When starting a business, making the jump from employee to business owner can be difficult. Learning new habits is key to making the transition as successful as possible, and by picking up good habits early on you can reduce the chance of hitting snags later down the line.

1. Planning and organisation

This can seem obvious, but for people who are used to “winging it” and have always got good results from simply tackling issues as they arise, getting into the habit of planning ahead can be a challenge.

However, going into business with hazy notions and half formed ideas is not an option, especially with so much emotional and financial investment on the line. By knowing what you plan to achieve in the next day, month and year, you can minimise your chance of not succeeding.

You can thoroughly plan each stage of the development of your business, including the costs, prospective profits, people you will need help from and how much time you expect it to take. Of course, plans can go wrong, but if you force yourself into forward thinking you can account for various scenarios and turn what could have been a disaster into a hiccup. Working in this way can help you avoid a lot of stress, and increase your own sense of security.

2. Self-motivation 

When it’s up to you to make a venture a success you can’t allow yourself to become demotivated, as your performance, the impression you make on others and ultimately the fate of your business could be affected.

The prospect of growing your business is a very motivating force, but at times it is possible to lose all enthusiasm for your work, especially if you feel things aren’t going well. Knowing when to take time out in order to refresh your interest, and making sure that you stay on the look-out for things that inspire you, can help you stay passionate.

3. Measure performance

When you work for others your performance isn’t something you have to think about beyond whether you are personally satisfied with your work, and your bosses seem happy with it. Becoming an entrepreneur means you suddenly have to keep a constant eye on your, and your businesses, performance. This means defining exactly how you measure you success and ensuring your staff have a clear idea of what it is they need to achieve.

This may be the money you make week on week, the quality and amount of products created, or levels of positive customer feedback. Keeping track and writing everything down can take some conscious effort, (especially when things seem to be going well and close scrutiny seems needless) but this way you can identify areas for improvement and have an comprehensive knowledge of your business.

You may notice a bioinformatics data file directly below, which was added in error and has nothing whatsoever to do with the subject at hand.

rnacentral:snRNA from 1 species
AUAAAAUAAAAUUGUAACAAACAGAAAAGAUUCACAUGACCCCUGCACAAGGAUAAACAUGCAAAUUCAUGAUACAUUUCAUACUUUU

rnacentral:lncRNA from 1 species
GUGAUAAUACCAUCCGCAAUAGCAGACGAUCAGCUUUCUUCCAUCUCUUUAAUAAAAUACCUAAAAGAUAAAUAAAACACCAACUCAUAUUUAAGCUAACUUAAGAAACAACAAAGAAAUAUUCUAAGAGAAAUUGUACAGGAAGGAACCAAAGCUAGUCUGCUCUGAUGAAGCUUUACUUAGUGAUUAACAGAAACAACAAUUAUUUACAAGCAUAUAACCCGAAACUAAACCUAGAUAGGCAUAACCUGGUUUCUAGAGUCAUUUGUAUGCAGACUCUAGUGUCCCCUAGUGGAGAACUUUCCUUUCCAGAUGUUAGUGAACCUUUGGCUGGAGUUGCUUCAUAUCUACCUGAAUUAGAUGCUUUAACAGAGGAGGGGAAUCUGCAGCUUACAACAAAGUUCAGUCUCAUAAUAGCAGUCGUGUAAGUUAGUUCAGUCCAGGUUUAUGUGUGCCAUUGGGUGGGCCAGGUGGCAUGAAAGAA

4. Meditation 

Meditation is advocated by business leaders such as Oprah Winfrey, the Huffington Post’s Arianna Huffington and Bill Ford of the Ford Motor Company. A study from the University of California found that meditation can result in improved concentration and memory, and it helps with focus and positive thinking. Becoming an entrepreneur can involve a huge amount of stress and in order to stay as productive as possible it’s important to learn techniques to manage this stress.

Meditation provides people with a rest that is deeper even than sleep (which for many entrepreneurs can be in short supply) and it’s a habit that need only take 20 minutes out of your day. Focused breathing exercises such as sitting quietly and paying attention to your breath filling your chest, and the release of tension when you exhale, can be a calming and beneficial addition in your routine.

5. Listening to others

Of course, being your own boss means fulfilling your own vision. However, this doesn’t mean you should lose the habit of taking direction at times, and carefully considering the opinion of others. Nothing is likely to demotivate your staff more than a tyrannical attitude, and when collaborating with others it’s advisable to acknowledge their experience and expertise, and come to decisions together.

Few things are achieved with only the efforts and passion of one person, so allowing other to become involved and have a stake in the success of your venture, where they feel valued and listened to, is very important. Running a business takes all kinds of good practices, and by being driven, motivated, prepared and considerate, success should come naturally.

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